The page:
Familial clustering in LPL and WM has been observed in several studies [6,7,8]. In one study, including 257 WM patients, 19% of the patients had at least one first-degree relative affected with WM or another B-cell disorder, including non-Hodgkin lymphoma, multiple myeloma, chronic lymphocytic leukemia, MGUS, acute lymphoblastic leukemia, and Hodgkin lymphoma . The authors also found patients with a familial history of WM or a plasma cell disorder to have greater bone marrow involvement. In a large study from Sweden, including 2,144 LPL/WM patients, 8,279 population-based matched controls and linkable first-degree relatives of patients (n = 6,177) and controls (n = 24,609), we found first-degree relatives of LPL/WM patients to have a significantly increased risk of developing LPL/WM, other subtypes of non-Hodgkin lymphoma and MGUS, but not Hodgkin lymphoma or multiple myeloma, compared to first-degree relatives of controls (table 1) . The excess risks were similar among parents, siblings and offspring, which favor the operation of dominant or codominant gene effects, rather than recessive genes. Together with previous studies [10,11,12], our findings support a role for shared common susceptibility genes that predispose to LPL/WM and certain other lymphoproliferative disorders. Given the implications for future studies aimed at uncovering underlying susceptibility genes, it is important to define the spectrum of tumors associated with LPL/WM. Therefore, we analyzed risks of myeloid hematological malignancies and solid tumors among first-degree relatives of LPL/WM patients, using the database described above. As shown in table 2, first-degree relatives of LPL/WM patients did not have an increased risk of myeloid malignancies [relative risk (RR) = 1.0; 95% confidence interval (CI) 0.6–1.7], including acute myeloid leukemia, myelodysplastic syndromes, chronic myeloproliferative neoplasms and chronic myeloid leukemia. In addition, first-degree relatives of LPL/WM patients had no increased risk of ‘any solid tumor’ (RR = 1.08; 95% CI 0.98–1.19). Among the 28 solid tumors tested, relatives of LPL/WM patients had only a borderline significantly increased risk of pancreas cancer (RR = 1.8; 95% CI 1.03–3.1; p = 0.047). No significantly increased risk was found for any other solid tumor. Our finding of a significant increase in the risk of pancreas cancer has not been previously described and is of unclear significance. Due to the number of malignancies tested, we believe that these results can probably be explained by multiple testing and need to be confirmed in other series. Also, due to the inherent limitations of the Multigenerational Registry, we only have information on approximately 75% of first-degree relatives. However, as the approach and completeness is the same in patients and controls, the risk of bias is minimal. Furthermore, Altieri et al.  found that a parental history of cancer of the stomach increased the familial risk of LPL; however, we did not observe an increased risk of stomach cancer in our study. Our findings suggest that there are differences in genetic susceptibility to LPL/WM and to myeloid malignancies or solid tumors.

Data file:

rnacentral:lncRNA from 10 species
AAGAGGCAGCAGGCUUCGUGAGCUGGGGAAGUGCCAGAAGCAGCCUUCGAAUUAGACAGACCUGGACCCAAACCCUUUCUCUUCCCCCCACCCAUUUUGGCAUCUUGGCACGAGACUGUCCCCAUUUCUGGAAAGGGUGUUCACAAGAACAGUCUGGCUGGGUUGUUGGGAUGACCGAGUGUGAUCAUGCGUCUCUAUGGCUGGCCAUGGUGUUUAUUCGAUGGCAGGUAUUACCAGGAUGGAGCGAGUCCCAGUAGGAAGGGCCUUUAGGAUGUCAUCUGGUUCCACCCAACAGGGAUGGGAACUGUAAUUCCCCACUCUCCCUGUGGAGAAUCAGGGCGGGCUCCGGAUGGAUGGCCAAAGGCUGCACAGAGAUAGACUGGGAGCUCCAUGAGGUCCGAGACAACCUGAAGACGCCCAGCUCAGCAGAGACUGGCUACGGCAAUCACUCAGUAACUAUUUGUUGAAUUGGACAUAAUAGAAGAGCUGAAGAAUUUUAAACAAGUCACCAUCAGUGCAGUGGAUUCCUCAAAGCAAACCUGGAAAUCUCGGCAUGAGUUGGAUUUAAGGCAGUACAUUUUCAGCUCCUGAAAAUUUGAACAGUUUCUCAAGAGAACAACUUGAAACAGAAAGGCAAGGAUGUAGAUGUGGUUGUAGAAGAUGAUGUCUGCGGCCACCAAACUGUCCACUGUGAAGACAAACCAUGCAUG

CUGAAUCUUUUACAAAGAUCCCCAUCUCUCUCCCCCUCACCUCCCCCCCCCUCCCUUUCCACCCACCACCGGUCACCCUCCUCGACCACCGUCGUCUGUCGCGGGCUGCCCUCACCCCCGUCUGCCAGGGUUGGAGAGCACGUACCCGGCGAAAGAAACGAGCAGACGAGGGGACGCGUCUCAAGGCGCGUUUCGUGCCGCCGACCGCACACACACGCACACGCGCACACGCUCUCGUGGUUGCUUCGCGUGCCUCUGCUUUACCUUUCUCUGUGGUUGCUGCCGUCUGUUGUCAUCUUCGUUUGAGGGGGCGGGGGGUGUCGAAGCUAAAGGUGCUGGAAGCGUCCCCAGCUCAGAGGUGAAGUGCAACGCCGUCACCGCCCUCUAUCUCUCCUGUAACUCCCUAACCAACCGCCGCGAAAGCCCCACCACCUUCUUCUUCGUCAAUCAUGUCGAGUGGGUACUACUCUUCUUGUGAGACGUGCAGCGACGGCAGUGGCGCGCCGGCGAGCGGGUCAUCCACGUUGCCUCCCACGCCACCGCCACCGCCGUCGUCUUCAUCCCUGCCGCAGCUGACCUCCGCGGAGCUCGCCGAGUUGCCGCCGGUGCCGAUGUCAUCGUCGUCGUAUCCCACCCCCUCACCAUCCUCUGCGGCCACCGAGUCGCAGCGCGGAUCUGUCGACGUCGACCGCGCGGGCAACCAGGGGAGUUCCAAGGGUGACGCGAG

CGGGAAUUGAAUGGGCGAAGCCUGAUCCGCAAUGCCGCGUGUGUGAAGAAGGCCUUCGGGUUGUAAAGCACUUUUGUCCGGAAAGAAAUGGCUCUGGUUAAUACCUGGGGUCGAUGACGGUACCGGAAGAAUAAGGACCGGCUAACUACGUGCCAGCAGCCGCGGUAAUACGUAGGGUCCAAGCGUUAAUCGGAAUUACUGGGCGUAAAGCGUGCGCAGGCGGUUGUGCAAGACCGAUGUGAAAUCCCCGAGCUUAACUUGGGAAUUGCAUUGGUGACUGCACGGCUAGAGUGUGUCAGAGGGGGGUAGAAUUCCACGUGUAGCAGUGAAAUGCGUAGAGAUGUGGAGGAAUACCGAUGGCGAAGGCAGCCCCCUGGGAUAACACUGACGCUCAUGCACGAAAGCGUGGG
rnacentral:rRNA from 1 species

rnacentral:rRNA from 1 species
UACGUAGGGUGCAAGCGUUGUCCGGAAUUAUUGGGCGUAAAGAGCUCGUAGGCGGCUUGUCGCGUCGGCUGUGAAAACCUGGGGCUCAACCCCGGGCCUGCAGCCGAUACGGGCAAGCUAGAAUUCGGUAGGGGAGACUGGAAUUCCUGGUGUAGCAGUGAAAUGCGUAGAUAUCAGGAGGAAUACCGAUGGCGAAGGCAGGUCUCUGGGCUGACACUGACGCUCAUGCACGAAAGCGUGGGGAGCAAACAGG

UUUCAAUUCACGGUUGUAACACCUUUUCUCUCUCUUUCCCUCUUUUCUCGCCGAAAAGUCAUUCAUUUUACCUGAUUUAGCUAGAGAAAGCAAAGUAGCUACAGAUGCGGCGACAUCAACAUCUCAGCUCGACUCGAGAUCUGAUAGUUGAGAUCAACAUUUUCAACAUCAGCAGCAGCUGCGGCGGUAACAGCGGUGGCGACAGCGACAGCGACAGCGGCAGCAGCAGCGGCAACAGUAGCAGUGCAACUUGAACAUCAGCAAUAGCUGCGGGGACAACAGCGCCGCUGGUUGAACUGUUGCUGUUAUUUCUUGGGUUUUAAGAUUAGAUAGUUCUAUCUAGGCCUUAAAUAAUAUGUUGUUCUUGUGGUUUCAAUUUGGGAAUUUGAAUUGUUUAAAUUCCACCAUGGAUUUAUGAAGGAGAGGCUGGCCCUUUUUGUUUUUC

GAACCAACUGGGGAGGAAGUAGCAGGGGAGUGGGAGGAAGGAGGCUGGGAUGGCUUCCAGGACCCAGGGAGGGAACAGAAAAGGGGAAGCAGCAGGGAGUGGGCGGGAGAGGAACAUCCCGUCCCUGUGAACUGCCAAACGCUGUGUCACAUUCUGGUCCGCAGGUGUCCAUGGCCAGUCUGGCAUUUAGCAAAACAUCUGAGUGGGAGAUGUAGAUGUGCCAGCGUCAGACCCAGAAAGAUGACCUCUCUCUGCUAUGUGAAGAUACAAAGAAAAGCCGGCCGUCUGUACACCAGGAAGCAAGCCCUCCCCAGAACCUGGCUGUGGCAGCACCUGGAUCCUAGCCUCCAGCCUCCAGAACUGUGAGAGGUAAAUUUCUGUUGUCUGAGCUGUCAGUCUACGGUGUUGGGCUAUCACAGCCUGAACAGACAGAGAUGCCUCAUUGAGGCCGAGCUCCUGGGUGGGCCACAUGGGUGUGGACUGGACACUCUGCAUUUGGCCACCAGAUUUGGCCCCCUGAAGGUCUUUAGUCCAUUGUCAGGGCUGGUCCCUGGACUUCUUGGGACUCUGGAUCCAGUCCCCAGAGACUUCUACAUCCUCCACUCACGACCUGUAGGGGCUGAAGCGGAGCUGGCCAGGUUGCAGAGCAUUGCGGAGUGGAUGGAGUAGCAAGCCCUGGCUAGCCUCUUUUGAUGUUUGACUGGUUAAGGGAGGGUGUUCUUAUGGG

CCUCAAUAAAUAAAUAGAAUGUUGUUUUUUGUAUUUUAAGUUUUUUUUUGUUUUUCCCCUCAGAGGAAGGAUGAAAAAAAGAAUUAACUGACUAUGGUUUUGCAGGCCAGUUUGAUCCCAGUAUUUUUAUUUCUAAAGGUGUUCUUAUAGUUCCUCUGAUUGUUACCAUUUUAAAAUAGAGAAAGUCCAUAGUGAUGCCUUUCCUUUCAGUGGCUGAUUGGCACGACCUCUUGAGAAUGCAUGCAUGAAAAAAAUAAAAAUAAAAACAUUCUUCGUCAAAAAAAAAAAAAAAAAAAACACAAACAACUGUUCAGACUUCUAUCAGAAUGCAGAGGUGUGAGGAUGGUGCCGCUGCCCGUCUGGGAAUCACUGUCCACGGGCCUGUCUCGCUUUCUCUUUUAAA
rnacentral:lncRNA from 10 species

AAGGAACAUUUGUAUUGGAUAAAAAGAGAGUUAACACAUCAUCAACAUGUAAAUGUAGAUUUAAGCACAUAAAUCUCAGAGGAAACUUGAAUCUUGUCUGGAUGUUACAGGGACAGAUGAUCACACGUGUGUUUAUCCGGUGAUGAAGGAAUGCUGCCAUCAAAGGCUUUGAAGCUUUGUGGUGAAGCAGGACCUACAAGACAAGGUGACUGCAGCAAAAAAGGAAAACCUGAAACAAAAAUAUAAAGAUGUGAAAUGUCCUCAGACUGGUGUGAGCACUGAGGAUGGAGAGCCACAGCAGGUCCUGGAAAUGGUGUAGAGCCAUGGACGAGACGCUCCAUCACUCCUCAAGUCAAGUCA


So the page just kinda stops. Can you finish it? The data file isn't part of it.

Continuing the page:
|Table 1. Relative risk of lymphoproliferative disorders among first-degree relatives of LPL/WM patients |